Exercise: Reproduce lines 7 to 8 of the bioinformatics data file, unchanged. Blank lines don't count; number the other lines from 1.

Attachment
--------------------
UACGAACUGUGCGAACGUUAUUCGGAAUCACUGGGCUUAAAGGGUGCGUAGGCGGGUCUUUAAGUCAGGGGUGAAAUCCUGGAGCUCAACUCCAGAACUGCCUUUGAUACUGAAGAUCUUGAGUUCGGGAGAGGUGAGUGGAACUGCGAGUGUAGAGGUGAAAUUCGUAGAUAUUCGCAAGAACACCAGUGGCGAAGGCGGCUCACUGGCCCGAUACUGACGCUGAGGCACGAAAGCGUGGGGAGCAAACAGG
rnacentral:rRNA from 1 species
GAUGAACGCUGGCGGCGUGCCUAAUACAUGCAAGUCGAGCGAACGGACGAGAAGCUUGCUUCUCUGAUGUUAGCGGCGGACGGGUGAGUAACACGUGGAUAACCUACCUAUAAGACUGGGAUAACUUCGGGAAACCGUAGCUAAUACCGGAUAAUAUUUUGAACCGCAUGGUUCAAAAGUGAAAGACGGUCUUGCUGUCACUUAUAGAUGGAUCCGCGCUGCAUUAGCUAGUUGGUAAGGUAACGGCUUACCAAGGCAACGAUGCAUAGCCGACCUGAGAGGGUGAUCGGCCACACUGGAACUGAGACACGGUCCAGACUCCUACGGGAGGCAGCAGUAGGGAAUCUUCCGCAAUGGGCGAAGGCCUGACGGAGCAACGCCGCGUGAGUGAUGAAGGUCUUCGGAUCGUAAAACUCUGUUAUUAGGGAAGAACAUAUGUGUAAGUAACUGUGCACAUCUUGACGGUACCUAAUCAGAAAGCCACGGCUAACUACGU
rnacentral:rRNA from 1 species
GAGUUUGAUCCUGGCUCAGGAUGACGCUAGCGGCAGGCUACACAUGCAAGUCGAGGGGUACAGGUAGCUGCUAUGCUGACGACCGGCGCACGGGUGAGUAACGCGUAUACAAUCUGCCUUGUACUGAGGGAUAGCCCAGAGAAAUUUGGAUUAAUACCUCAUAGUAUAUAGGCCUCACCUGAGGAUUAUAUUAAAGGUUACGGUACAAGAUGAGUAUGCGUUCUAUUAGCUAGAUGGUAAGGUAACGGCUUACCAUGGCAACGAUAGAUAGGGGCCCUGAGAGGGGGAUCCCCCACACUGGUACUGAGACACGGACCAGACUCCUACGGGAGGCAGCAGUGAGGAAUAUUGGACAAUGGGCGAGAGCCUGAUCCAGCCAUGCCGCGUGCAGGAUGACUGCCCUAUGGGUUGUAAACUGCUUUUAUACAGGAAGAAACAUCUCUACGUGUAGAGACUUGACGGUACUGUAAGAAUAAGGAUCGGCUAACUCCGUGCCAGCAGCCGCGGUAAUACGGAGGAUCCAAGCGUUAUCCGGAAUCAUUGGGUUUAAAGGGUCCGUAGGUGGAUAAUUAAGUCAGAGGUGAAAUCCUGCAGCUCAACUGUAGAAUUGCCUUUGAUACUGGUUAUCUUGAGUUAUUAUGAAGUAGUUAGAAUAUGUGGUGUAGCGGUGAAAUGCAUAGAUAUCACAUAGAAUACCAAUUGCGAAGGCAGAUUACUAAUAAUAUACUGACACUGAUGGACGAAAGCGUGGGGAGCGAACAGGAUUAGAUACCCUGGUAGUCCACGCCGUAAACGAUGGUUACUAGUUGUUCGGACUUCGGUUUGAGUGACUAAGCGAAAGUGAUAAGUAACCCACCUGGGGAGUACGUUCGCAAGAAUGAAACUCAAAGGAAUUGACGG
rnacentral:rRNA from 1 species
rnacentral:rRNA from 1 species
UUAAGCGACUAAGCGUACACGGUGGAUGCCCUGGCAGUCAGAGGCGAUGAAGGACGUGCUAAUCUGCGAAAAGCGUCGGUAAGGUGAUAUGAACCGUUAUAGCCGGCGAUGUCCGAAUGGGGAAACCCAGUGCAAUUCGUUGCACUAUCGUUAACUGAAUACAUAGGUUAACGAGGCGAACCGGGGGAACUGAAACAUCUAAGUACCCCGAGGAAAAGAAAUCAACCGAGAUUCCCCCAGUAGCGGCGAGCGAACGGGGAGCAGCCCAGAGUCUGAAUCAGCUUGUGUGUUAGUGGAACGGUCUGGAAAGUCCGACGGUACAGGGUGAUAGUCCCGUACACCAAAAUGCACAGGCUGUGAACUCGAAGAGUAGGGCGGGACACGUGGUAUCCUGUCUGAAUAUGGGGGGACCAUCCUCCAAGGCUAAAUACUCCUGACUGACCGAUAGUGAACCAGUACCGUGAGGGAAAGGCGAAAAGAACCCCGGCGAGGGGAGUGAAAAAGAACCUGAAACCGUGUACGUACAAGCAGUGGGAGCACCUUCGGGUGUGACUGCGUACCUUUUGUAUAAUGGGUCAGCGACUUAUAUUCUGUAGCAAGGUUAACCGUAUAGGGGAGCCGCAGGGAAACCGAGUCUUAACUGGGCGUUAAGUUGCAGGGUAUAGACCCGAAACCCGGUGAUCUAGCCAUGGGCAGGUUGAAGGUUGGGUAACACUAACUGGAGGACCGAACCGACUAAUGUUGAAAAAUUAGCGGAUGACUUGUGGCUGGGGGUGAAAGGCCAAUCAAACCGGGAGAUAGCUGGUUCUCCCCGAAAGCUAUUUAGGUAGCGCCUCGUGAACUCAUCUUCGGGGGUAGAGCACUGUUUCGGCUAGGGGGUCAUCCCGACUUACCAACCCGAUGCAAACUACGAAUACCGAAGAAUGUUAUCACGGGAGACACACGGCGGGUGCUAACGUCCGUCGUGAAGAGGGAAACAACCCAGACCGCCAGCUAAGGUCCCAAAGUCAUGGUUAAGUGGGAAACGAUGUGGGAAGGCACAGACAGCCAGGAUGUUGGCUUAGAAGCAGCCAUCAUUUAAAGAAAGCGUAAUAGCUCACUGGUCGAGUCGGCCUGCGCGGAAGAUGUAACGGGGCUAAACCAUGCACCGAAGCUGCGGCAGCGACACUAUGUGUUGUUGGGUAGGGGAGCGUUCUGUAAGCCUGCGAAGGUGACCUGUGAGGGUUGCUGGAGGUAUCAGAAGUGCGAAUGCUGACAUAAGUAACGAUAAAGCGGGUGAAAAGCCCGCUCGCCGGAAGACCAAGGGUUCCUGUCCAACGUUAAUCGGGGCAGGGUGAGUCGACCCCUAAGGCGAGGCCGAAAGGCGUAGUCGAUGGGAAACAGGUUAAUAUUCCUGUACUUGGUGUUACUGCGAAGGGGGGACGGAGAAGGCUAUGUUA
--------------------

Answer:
rnacentral:rRNA from 1 species
UUAAGCGACUAAGCGUACACGGUGGAUGCCCUGGCAGUCAGAGGCGAUGAAGGACGUGCUAAUCUGCGAAAAGCGUCGGUAAGGUGAUAUGAACCGUUAUAGCCGGCGAUGUCCGAAUGGGGAAACCCAGUGCAAUUCGUUGCACUAUCGUUAACUGAAUACAUAGGUUAACGAGGCGAACCGGGGGAACUGAAACAUCUAAGUACCCCGAGGAAAAGAAAUCAACCGAGAUUCCCCCAGUAGCGGCGAGCGAACGGGGAGCAGCCCAGAGUCUGAAUCAGCUUGUGUGUUAGUGGAACGGUCUGGAAAGUCCGACGGUACAGGGUGAUAGUCCCGUACACCAAAAUGCACAGGCUGUGAACUCGAAGAGUAGGGCGGGACACGUGGUAUCCUGUCUGAAUAUGGGGGGACCAUCCUCCAAGGCUAAAUACUCCUGACUGACCGAUAGUGAACCAGUACCGUGAGGGAAAGGCGAAAAGAACCCCGGCGAGGGGAGUGAAAAAGAACCUGAAACCGUGUACGUACAAGCAGUGGGAGCACCUUCGGGUGUGACUGCGUACCUUUUGUAUAAUGGGUCAGCGACUUAUAUUCUGUAGCAAGGUUAACCGUAUAGGGGAGCCGCAGGGAAACCGAGUCUUAACUGGGCGUUAAGUUGCAGGGUAUAGACCCGAAACCCGGUGAUCUAGCCAUGGGCAGGUUGAAGGUUGGGUAACACUAACUGGAGGACCGAACCGACUAAUGUUGAAAAAUUAGCGGAUGACUUGUGGCUGGGGGUGAAAGGCCAAUCAAACCGGGAGAUAGCUGGUUCUCCCCGAAAGCUAUUUAGGUAGCGCCUCGUGAACUCAUCUUCGGGGGUAGAGCACUGUUUCGGCUAGGGGGUCAUCCCGACUUACCAACCCGAUGCAAACUACGAAUACCGAAGAAUGUUAUCACGGGAGACACACGGCGGGUGCUAACGUCCGUCGUGAAGAGGGAAACAACCCAGACCGCCAGCUAAGGUCCCAAAGUCAUGGUUAAGUGGGAAACGAUGUGGGAAGGCACAGACAGCCAGGAUGUUGGCUUAGAAGCAGCCAUCAUUUAAAGAAAGCGUAAUAGCUCACUGGUCGAGUCGGCCUGCGCGGAAGAUGUAACGGGGCUAAACCAUGCACCGAAGCUGCGGCAGCGACACUAUGUGUUGUUGGGUAGGGGAGCGUUCUGUAAGCCUGCGAAGGUGACCUGUGAGGGUUGCUGGAGGUAUCAGAAGUGCGAAUGCUGACAUAAGUAACGAUAAAGCGGGUGAAAAGCCCGCUCGCCGGAAGACCAAGGGUUCCUGUCCAACGUUAAUCGGGGCAGGGUGAGUCGACCCCUAAGGCGAGGCCGAAAGGCGUAGUCGAUGGGAAACAGGUUAAUAUUCCUGUACUUGGUGUUACUGCGAAGGGGGGACGGAGAAGGCUAUGUUA